On September 26th, Doncaster Sheffield announced that it would close. It follows a strategic review into the viability and future of the UK airport that started in July. The decision seemed inevitable and expected. It means the end of the airport for passenger airlines, freight carriers, bizjets, flight training, and much more. The airport site will be turned into a logistics and warehousing complex.
Doncaster Sheffield is closing
Not helped by its location relatively close to multiple other airports, including Manchester, East Midlands, and Leeds Bradford, Doncaster Sheffield will soon be no more. Robert Hough, Chairman of Peel Airports Group, Doncaster’s owner, said that:
“We recognize that this will come as a great disappointment to many… The problem remains the fundamental and insufficient lack of current or prospective revenue streams, together with the airport’s high operating costs.”
Like many airports, Doncaster Sheffield is more than ‘just’ passenger flights. It is also home to this 39-year-old Oil Spill Response B727F. Photo: Jonathan Winton Photography via Flickr .
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No public money
Steven Underwood, CEO of the Peel Group, said that:
“We will not accept any public sector grant [i.e., government funding] to cover the costs of an airport that is not viable due to its lack of adequate forward revenues and high operating costs.”
The airport was offered public funds to keep it going for the next year. It came after the Prime Minster, Liz Truss, called on the airport to remain open. And it followed comments in July by the then Transport Secretary, who suggested it could be taken over by the local authority.
Previously, the airport said it has accumulated losses of £170 million and anticipates a further £45 million loss in the next five years. The closure of Wizz Air UK’s base at the airport didn’t help, nor did the “lack of critical mass,” as Doncaster Sheffield previously put it; i.e., it had an insufficient passenger (and freight) volume.
When writing, these flights are airborne to/from Doncaster Sheffield. Highlighted is TUI flight BY435 from Dalaman. Image: Flightradar24 .
Had planned £10m+ investment
Despite a lack of critical mass, Doncaster Sheffield unveiled a £10 million terminal expansion project in January 2020, along with plans for a train line and more. Clearly, it was previously sufficiently ambitious and saw an adequately bright future, particularly with Wizz Air’s base, which opened later that year.
While COVID has obviously had a significant impact since then – in July 2022, passenger numbers were at 83% of what they were in 2019 – but that’s just one part of its existence. The likely reality is that, as a business, Peel expects to earn more money from changing the site’s use.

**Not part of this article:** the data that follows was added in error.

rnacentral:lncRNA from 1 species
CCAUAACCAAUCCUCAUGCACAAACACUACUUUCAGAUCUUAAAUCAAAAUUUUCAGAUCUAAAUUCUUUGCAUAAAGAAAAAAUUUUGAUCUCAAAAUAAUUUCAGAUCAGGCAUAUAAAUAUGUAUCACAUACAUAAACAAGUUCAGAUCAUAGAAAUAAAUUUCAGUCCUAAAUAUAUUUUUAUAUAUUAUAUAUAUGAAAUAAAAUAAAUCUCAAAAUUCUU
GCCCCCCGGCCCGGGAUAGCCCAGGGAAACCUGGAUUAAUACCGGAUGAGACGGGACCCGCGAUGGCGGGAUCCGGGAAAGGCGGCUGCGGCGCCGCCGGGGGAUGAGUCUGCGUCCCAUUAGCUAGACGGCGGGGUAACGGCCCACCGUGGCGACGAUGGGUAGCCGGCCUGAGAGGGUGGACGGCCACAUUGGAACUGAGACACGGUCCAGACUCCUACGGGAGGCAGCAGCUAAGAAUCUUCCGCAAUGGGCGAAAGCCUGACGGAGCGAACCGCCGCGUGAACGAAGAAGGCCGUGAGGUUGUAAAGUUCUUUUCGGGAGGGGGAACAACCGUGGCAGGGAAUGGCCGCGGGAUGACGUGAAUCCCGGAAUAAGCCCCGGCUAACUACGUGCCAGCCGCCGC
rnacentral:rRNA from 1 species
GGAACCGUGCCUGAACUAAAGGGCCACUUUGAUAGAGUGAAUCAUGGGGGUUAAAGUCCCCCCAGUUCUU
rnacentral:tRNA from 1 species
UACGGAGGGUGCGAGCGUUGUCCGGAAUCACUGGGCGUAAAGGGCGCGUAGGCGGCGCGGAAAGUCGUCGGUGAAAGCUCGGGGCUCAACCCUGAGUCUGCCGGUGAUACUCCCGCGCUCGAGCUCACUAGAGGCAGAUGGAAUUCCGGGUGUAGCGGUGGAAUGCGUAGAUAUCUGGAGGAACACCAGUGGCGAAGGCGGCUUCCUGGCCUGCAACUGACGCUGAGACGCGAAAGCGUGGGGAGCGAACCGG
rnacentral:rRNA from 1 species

The airport opened to passengers in 2005. Because of its former life as an RAF station, it has a long runway (9,491 feet, 2,893 meters). Photo: alh1 via Flickr .
TUI, Wizz Air, and BH Air
For most airports, passengers are just one part of their overall operation. That’s no different at Doncaster Sheffield. Only TUI, Wizz Air, and BH Air currently serve the airport. However, Flybe, Ryanair, easyJet, Aer Lingus, and Lynx Air have all come and gone.
With five based aircraft, TUI is by far the biggest operator. It has a good-sized route network, including long-haul using non-based B787-8s, but has now pulled all winter sales.
Meanwhile, Wizz Air has eight routes from Central and Eastern Europe (CEE). After its short-lived base experiment, it has fully reverted to its long-standing CEE network. Finally, BH Air has one summer-seasonal route to Burgas.
On September 26th, Flightradar24 shows that Doncaster Sheffield has 34 take-offs and landings by TUI and Wizz Air. On the 27th, there will be 21.
Source of data: the UK CAA.
15 million airline passengers
Doncaster Sheffield was previously known as RAF Finningley. Helped by the end of Sheffield City Airport, Doncaster Sheffield became a commercial airport 17 years ago in 2005.
Between 2005 and 2021, the UK CAA shows that 14.9 million passengers passed through its doors. Not surprisingly, its best year was 2019, when it was the UK’s 22nd busiest airport, one place ahead of Exeter. Some 1.4 million were transported, but only 400,000 more than in 2007 – 12 years earlier. This highlights the difficulty facing the airport.
What do you make of the decision to close? Have you flown from the airport? Let us know in the comments.